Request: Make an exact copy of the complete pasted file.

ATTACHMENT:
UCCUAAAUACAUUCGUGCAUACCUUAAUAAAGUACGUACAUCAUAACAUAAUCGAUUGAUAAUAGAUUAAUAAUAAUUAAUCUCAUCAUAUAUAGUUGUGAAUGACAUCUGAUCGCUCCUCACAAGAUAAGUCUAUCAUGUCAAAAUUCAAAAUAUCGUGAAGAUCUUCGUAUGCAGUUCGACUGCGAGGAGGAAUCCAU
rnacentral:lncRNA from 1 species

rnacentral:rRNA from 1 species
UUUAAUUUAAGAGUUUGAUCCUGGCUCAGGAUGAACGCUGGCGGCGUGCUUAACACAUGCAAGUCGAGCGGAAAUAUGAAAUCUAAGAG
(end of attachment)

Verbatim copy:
UCCUAAAUACAUUCGUGCAUACCUUAAUAAAGUACGUACAUCAUAACAUAAUCGAUUGAUAAUAGAUUAAUAAUAAUUAAUCUCAUCAUAUAUAGUUGUGAAUGACAUCUGAUCGCUCCUCACAAGAUAAGUCUAUCAUGUCAAAAUUCAAAAUAUCGUGAAGAUCUUCGUAUGCAGUUCGACUGCGAGGAGGAAUCCAU
rnacentral:lncRNA from 1 species

rnacentral:rRNA from 1 species
UUUAAUUUAAGAGUUUGAUCCUGGCUCAGGAUGAACGCUGGCGGCGUGCUUAACACAUGCAAGUCGAGCGGAAAUAUGAAAUCUAAGAG